white men ventured inland, a century ago, in the days
of the first Chief Capilano, when the spoils of the
mighty Fraser River poured into copper-colored hands,
but did not find their way to the remotest corners of
the earth, as in our times, when the gold from its sources,
the salmon from its mouth, the timber from its shores
are world-known riches.
fisherman’s craft, the hunter’s cunning
were plied where now cities and industries, trade and
commerce, buying and selling hold sway. In those days
the moccasined foot awoke no echo in the forest trails.
Primitive weapons, arms, implements, and utensils were
the only means of the Indians’ food-getting. His
livelihood depended upon his own personal prowess, his
skill in woodcraft and water lore. And, as this is a
story of an elk-bone spear, the reader must first be
in sympathy with the fact that this rude instrument,
most deftly fashioned, was of priceless value to the
first Capilano, to whom it had come through three generations
of ancestors, all of whom had been experienced hunters
and dexterous fishermen.
Capilano himself was without
a rival as a spearsman. He knew the moods of the Fraser
River, the habits of its thronging tenants, as no other
man has ever known them before or since. He knew every
isle and inlet along the coast, every boulder, the sand-bars,
the still pools, the temper of the tides. He knew the
spawning grounds, the secret streams that fed the larger
rivers, the outlets of rock-bound lakes, the turns and
tricks of swirling rapids. He knew the haunts of bird
and beast and fish and fowl, and was master of the arts
and artifice that man must use when matching his brain
against the eluding wiles of the untamed creatures of
Once only did his cunning fail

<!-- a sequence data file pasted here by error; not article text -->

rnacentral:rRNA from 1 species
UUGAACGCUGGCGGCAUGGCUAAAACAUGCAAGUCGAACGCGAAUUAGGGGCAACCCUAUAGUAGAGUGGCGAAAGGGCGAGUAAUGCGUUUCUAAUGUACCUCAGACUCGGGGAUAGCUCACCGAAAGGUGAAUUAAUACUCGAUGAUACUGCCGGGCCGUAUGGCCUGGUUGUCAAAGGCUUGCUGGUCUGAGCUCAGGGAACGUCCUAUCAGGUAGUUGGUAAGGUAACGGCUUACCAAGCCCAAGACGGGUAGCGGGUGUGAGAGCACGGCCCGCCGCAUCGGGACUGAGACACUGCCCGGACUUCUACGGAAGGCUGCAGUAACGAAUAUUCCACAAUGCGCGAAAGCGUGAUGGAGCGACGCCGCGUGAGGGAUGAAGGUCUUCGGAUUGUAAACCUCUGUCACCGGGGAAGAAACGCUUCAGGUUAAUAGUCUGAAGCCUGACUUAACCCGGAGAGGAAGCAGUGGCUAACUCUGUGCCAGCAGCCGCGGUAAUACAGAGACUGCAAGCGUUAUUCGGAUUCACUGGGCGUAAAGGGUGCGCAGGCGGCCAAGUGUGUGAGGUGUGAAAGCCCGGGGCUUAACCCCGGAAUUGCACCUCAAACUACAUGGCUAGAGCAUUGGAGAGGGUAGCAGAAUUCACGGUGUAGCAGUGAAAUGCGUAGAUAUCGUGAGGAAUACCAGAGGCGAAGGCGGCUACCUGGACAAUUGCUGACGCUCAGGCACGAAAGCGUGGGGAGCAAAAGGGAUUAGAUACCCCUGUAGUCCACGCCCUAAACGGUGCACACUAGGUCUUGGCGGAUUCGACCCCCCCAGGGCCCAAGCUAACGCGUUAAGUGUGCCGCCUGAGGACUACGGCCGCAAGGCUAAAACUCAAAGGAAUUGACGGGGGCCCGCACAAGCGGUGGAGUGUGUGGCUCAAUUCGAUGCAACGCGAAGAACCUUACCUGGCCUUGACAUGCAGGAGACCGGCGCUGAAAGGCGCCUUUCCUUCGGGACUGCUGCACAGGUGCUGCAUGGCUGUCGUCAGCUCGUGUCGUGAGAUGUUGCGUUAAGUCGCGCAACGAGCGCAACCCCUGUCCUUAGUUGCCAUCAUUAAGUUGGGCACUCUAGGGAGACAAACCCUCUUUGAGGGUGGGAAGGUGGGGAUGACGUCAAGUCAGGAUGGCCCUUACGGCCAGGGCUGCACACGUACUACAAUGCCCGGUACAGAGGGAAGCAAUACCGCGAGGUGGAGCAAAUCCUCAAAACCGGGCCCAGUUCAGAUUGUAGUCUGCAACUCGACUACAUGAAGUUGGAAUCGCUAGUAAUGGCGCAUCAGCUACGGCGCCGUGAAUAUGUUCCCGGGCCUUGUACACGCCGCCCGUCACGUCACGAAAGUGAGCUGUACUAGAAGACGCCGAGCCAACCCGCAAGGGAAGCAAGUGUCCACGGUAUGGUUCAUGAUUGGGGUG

him, once [Page 79] only did Nature
baffle him with her mysterious fabric of waterways and
land lures. It was when he was led to the mouth of the
unknown river, which has evaded discovery through all
the centuries, but which—so say the Indians—still
sings on its way through some buried channel that leads
from the lake to the sea.
He had been sealing along the
shores of what is now known as Point Grey. His canoe
had gradually crept inland, skirting up the coast to
the mouth of False Creek. Here he encountered a very
king of seals, a colossal creature that gladdened the
hunter’s eyes as game worthy of his skill. For
this particular prize he would cast the elk-bone spear.
It had never failed his sire, his grandsire, his great-grandsire.
He knew it would not fail him now. A long, pliable,
cedar-fibre rope lay in his canoe. Many expert fingers
had woven and plaited that rope, had beaten and oiled
it until it was soft and flexible as a serpent. This
he attached to the spearhead, and with deft, unerring
aim cast it at the king seal. The weapon struck home.
The gigantic creature shuddered and, with a cry like
a hurt child, it plunged down into the sea. With the
rapidity and strength of a giant fish it scudded inland
with the rising tide, while Capilano paid out the rope
its entire length, and, as it stretched taut, felt the
canoe leap forward, propelled by the mighty strength
of the creature which lashed the waters into whirlpools,
as though it was possessed with the power and properties
of a whale.
Up the stretch of False Creek
the man and monster drove their course, where a century
hence great city bridges were to over-arch the waters.
They strove and struggled each for the mastery, neither
of them weakened, neither of them faltered—the
one dragging, the other driving. In the end it was to
be a matching of brute and human wits, not forces. As
they neared the point where now Main Street bridge flings
its shadow across the waters, the brute leaped high
into the air, then plunged headlong into the depths.
The impact ripped the rope from Capilano’s hands.
It rattled [Page 80] across the gunwale.
He stood staring at the spot where it had disappeared—the
brute had been victorious. At low tide the Indian made
search. No trace of his game, of his precious elk-bone
spear, of his cedar-fibre rope, could be found. With
the loss of the latter he firmly believed his luck as
a hunter would be gone. So he patrolled the mouth of